We were thankful of the cool breeze as we walked up the steep hill. The first part on the flat was hard work because of the deep layer of volcanic sand we were walking on but the girls set a good pace. Once the ascent started we were in the forest and the terrain was hard going because of the roots and the uneven ground and the pace slowed. We were excited to hear the calls of Howler Monkeys and even more excited to see them high up in the branches of the trees. They seemed quite alarmed at the wind and howled even more as the branches shook as the gusts blew stronger. We could also hear the calls of the Uracca – the national bird of Nicaragua. It has bright blue and white tail feathers like the flag and we saw them darting between the trees but they were just too difficult to photograph.
We stopped for a break at a large tree the low branches of which made great perches for us. Moses, our guide, explained that we were sitting in the upper branches of a tree that had been buried by ash from an eruption of Concepcion. All the other trees around were new and had grown in the new layer of ash.
We saw more Zanate birds and some smaller green birds in the trees and large birds of prey rode the thermals and the wind high overhead. One of the girls spotted a shy little Capucin monkey scampering along a branch; he sat still for a moment but not long enough to take a photo before he darted away again. Very exciting to see animals we have only before seen in zoos!
As we slowly ascended the tortuous path, placing our feet carefully between and on the network of tree roots, butterflies of all coulours fluttered around. A beautiful black and green one landed on a twig, closed its wings and immediately blended into the environment and looked just like a browning leaf. We also saw brilliant blue ones, red, orange and pale yellow as well as the impressive “Owl” butterfly.
The wind seemed to be getting stringer as we climbed and the sky became more overcast. The base air temperature was still warm though and we were glad of the cooling effect of the wind.
As we climbed the forest changed; amongst the coffee trees there were bananas and then the trees were smaller untilo we reached an area of quite compact shrubs. The sense that we were close to our end point was strong and as we walked aloing the tunnels between the shrubs, we started to be able to see over them at the view beyond. Not far from the bush line, but still in trees we came to an abrupt halt. At the back we didn’t know why but the message was passed back that a large white bull was blocking the path. Even Moses the guide was scared when it put its head down and started to charge! There was a stand off for a few minutes then Moses valiantly cut into the forest to get above it and chase it downwards to where the rest of its group were waiting.
Small pink, white and purple flowers poked their heads out of the long grass as we emerged from the scrub and in to the open grassy slope. The wind was really strong now and it almost blew us off our feet. We almost had to crawl to keep ourselves from being knocked over by the gusts. There was already a group sitting in the lee of a tree from where we could hyave had a view down into a funnel. We decided that caution was the better part of valour and stayed where we were, crouched on the slope all together for safety. It was an exhilarating yet scary time all at once. Some of the girls were genuinely afraid of getting blown down the hill and when we moved, linked arms to make themselves a bigger entity to knock down! After taking photos, marvelling at the view and the stupidity of two Americans who seemed hell bent on becomiung Darwin Award contenders by climbing to the top, we retreated to the shelter of the forest to have our lunch.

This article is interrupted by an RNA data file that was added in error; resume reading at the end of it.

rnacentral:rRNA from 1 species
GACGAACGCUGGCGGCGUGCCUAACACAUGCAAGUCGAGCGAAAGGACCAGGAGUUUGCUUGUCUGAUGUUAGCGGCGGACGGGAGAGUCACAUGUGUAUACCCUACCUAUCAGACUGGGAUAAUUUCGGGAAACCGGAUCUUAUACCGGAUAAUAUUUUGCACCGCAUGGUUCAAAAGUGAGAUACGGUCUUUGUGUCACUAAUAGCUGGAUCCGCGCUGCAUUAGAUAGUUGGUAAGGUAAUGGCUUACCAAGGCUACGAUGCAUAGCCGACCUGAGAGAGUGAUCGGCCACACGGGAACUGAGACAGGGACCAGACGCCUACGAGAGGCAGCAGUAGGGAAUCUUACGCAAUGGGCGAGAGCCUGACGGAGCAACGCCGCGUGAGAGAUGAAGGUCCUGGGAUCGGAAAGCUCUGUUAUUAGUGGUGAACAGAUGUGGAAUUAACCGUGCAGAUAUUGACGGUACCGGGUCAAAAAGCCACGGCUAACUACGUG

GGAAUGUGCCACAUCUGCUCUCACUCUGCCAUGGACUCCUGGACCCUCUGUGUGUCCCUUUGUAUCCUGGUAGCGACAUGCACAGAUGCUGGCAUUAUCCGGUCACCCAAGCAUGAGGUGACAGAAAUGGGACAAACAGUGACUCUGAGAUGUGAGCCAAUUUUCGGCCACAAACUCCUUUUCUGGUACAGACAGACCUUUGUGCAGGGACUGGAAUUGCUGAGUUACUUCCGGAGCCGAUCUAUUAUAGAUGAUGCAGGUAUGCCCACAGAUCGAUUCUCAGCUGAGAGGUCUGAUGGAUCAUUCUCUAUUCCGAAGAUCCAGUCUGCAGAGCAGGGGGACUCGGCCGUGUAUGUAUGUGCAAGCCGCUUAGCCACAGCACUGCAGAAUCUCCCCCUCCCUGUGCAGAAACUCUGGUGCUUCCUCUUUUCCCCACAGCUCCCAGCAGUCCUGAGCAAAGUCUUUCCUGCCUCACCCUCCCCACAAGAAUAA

Going down tested some of those who had seemed like mountain goats on the way up and gave others new found confidence in themselves as they picked their way agilely over the roots and stones.
We were back at the hotel by 1pm – sore legs, hot and tired but buzzing with a sense of achievement.
Today was going to be our first test of walking in the heat; a four hour walk on the top of Mombacho and after a few days chilling we were ready for a challenge. Unfortunately, some crossed wires and mis-communication between World Challenge, El Cafe de las Flores and us meant that we only did the short walk. A little disappointing but it was a beautiful walk nonetheless, with fantastic views of the lake which is almost like a sea. It is definitely much bigger than Taupo but I wonder how close it is in size to Lac Leman (Lake Geneva)? Having seen both I think that possibly the French one is bigger but would have to check. Our guide was very informative and told us all about the different orchids that we could see along the path. Delicate little white ones in the forest and larger bright ornage and pink out in the open areas. The pink flowers only last a day but are large and showy. I think we were too late in the day to see the sloths that apparently hang out on the trees but we were excited to see the vultures (zopilotes) that circled overhead.
To make up for our disappointment at not being able to do the longer walk, when we got back down to the cafe, we were offered the opportunity to have a coffee tour. We jumped at the chance and having learned about cacao, we now learned about coffee. Unlike the cacao bean the coffee bean is ripe when it is red and if you pinch the bean between your fingers the bean pops out easily from the skin. It is covered in white flesh that is sweet to suck. the taste reminded me of pomegranate and it was nice sucking the sweet juiciness. We were shown the whole process of harvest, cleaning, shelling but the beans from Mombacho are all sent to be roasted in Managua. Some are combinbed with beans from other plantations others are kept apart so they can sell them as Mombacho coffee.